The work was installed for a period at The Small Museum – a cabinet on the facade of Paradiso, Amsterdam.
└ from 11 — Para-phonic Poly-disco


A seventh note, 'si' or 'ti', was added later.
└ from 11 — Para-phonic Poly-disco


The Small Museum, which was previously used to house the public announcements of the church, will be transformed into a local WiFi hotspot to stream a multi vocal 'Pa-Ra-Di-So Rapsodia' – a live algorithmic choir composition created through the phones that connected to the WiFi, and therefore the score, while waiting to enter the building.
└ from 11 — Para-phonic Poly-disco


Before music was established in writing, each choir leader led the Gregorian chants of the 'scola cantorum' with movements.
└ from 11 — Para-phonic Poly-disco


As far as melody is concerned, humming was increasingly defined by the expansion of the number of lines, which first corresponded by colour and later by keys to certain steps in the medieval ranges.
└ from 11 — Para-phonic Poly-disco


This so-called 'manual notation' was of great importance to ensure the reproducibility of the various rhythmic possibilities in the developing polyphonic music of Western Europe.
└ from 11 — Para-phonic Poly-disco


It was particularly of interested to us because of the way in which he focuses on the reproduction of music.
└ from 12 — Jacques Attali


The third stage deals with the mechanical reproduction of music and the fourth stage could be considered as already referring to the idea of sampling, although it was only first published in translation by the University of Minnesota in 1985.
└ from 12 — Jacques Attali


Jacques Attali (born 1 Nov 1943) is a French economic and social theorist, writer, political adviser and senior civil servant, who served as a counsellor to President François Mitterrand from 1981 to 1991 and was the first head of the European Bank for Reconstruction and Development from 1991 to 1993.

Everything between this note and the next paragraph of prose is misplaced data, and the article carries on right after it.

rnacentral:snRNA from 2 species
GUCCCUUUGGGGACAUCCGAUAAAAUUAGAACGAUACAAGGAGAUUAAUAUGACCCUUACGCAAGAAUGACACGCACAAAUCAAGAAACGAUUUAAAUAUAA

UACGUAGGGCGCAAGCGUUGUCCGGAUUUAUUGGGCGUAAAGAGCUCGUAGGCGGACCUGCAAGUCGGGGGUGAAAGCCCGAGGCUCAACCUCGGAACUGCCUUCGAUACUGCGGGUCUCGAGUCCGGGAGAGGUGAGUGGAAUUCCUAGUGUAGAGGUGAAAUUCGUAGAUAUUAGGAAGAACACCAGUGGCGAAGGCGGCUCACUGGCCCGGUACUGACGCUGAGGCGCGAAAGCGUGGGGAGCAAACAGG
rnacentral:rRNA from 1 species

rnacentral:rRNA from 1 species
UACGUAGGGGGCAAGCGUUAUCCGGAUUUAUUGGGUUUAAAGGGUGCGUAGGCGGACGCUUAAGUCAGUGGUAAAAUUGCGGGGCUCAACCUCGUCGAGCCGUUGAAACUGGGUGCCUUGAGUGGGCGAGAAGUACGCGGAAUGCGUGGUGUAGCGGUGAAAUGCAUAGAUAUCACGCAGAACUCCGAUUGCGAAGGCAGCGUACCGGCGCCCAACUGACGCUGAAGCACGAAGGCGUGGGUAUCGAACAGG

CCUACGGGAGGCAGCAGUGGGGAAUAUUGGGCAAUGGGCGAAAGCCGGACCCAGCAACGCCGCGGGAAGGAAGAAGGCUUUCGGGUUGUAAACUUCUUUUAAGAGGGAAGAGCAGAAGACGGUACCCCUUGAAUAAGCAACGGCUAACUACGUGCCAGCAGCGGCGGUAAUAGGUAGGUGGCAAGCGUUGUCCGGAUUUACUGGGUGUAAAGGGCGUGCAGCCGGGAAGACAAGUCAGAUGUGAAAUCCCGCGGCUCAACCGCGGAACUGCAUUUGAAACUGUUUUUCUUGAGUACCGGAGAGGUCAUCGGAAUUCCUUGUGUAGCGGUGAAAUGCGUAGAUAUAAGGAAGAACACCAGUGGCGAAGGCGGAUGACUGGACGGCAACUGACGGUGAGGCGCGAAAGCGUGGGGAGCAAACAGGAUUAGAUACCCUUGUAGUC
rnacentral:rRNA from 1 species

└ from 12 — Jacques Attali


The entire 'Pushing Scores' project was set up in cooperation with Remco van Bladel.
└ from 13 — Remco van Bladel


For the 2015 edition of the Venice Biennale, the studio was responsible for the design of the publication and identity of 'to be all ways to be', the exhibition by herman de vries for the Dutch Pavilion.
└ from 13 — Remco van Bladel


This was not about hard comparisons and one-to-one projection, but more to interpret, think and work with elements.
└ from 13 — Remco van Bladel


It was an investigation into methodologies within his own artistic practice.
└ from 13 — Remco van Bladel


This analogue way of generating sound from graphic notation was an impulse to check him out for the 'Pushing Scores' project.
└ from 14 — Derek Holzer


He came up with the idea to give a reading of his text 'Schematics as a Score', because that was a current issue of his practice.
└ from 14 — Derek Holzer


John Cage once quipped that Serge Tcherepnin's synthesizer system was 'the best musical composition that Serge had ever made', and it is precisely Cage's reformulation of the concert score from a list of deterministic note values to a set of indeterminable possibilities that allowed the blurring of lines between instrument-builder and music composer that followed.
└ from 15 — Schematic as Design


Derek Holzer was invited for the event 'PUSHING' on 20 Jan 2017.
└ from 16 — Tektronix Oscilloscope Music


Analogue electronic computers pre-date their digital counterparts by several decades, and one of the first practical applications of the analogue computer was in controlling the trajectories of German V2 rockets as they traced their rainbow of gravity from Flanders towards London during the Second World War.
└ from 16 — Tektronix Oscilloscope Music


As Friedrich Kittler has observed, the relationship of media technology to military tools of destruction was sealed by moments such as these.
└ from 16 — Tektronix Oscilloscope Music